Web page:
The death of Professor Piero Weiss, a concert pianist and gifted teacher, at the age of 83 saddened me and sent me back in time. My college required (and still requires) its students to take a class that surveys Western music from plainsong to the 20th Century. I was officially enrolled in another teacher’s section of that class. The other teacher, now at Bard College, was good and enthusiastic; and I credit him with opening my ears to Mozart. But my classmates enrolled in Professor Weiss’s class kept praising him and inviting me to audit his lessons.
I found, when I started auditing, that my classmates had not oversold him. He often set the classroom aroar, whether with laughter at his bone-dry jokes delivered with a George-Burnsian cigar in hand or with applause at his wonderful “examples” played on the classroom’s “not altogether satisfactory” piano. He opened my ears to Schubert, his favorite composer, and propelled me through Carnegie Hall to a lifelong appreciation of a great pianist, the recently retired Alfred Brendel.
William James in his Talks to Teachers reads from Charles Darwin that he had a great regret in life: he had not spent more time “listening to music and looking at pictures” because of these activities’ beneficial effects, of which he felt deprived. I have been fortunate both to live much of my life in places with music nearby and to have had my interest in listening to music kindled by teachers like Professor Weiss. We must therefore also regret the passing of music education, whether in playing or in appreciation, at so many schools.
We must simultaneously and I think with a degree of anger deplore the movement in education towards teaching software, which along with everything else that is happening to schools across the United States is lessening students’ chances of learning at the feet of a superb teacher. The anger that inflames this regret is due to the wish of companies selling the software to make a profit even if their “products” do not do any better than a traditional textbook taught by a live teacher, and to ignore or misrepresent the evidence of these unspectacular results.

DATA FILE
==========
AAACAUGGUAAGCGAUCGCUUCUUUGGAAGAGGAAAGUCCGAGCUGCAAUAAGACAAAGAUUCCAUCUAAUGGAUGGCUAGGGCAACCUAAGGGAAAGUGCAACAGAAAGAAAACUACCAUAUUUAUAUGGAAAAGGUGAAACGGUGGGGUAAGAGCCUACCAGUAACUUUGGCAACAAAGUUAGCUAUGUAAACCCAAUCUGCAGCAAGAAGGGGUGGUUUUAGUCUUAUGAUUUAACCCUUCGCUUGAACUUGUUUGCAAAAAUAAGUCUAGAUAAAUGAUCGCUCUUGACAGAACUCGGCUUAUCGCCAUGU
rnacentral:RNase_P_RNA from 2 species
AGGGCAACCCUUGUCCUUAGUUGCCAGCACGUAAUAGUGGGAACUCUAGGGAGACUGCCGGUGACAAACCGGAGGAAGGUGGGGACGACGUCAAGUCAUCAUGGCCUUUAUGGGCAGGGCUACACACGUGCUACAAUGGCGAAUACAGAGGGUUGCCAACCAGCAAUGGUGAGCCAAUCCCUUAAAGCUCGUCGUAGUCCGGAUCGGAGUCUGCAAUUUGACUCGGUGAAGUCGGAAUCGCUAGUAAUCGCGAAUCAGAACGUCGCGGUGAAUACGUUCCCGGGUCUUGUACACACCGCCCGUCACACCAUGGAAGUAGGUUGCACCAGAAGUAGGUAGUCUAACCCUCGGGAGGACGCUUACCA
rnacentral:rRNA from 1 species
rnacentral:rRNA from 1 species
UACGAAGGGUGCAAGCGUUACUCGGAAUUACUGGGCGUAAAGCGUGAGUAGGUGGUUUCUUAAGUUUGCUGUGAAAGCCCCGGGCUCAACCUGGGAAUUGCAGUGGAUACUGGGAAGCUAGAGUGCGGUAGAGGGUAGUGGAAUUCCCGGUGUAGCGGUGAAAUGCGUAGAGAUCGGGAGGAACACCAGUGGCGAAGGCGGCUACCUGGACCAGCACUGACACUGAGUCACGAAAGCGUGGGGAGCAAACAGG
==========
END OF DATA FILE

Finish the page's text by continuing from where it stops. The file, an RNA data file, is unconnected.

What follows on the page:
And, according to a New York Times article published yesterday, that is just what the Education Department’s What Works Clearinghouse has determined in its analysis of studies of various brands of software’s effectiveness. It turns out that most of the studies finding a benefit in teaching software have not been conducted under properly rigorous protocols. What is more, the software being sold costs in some cases three times as much as the textbooks it is meant to replace.
To judge by the extract from a mechanized math lesson in the Times, the software might have some value in the remedial instruction of students who lack the basics, and I would like to see the results of some studies done to assess its helpfulness in those circumstances. But it’s hard to see how such elementary material will help any students get airborne, much less soar.
It is also hard to see how schools whose IT resources are underfunded, scrappy, and unreliable will be able to run complex and sophisticated programs for large numbers of students. Better to leave instruction in the hands of experienced teachers with their “perpetual discretion” (and their cigars) than in an IT system with down syndrome. That is, of course, if all the concomitant cutting of teachers’ pay and benefits does not reduce them to the level where the only people that can be hired as teachers are, as Richard Hofstadter put it, “drifters and misfits.”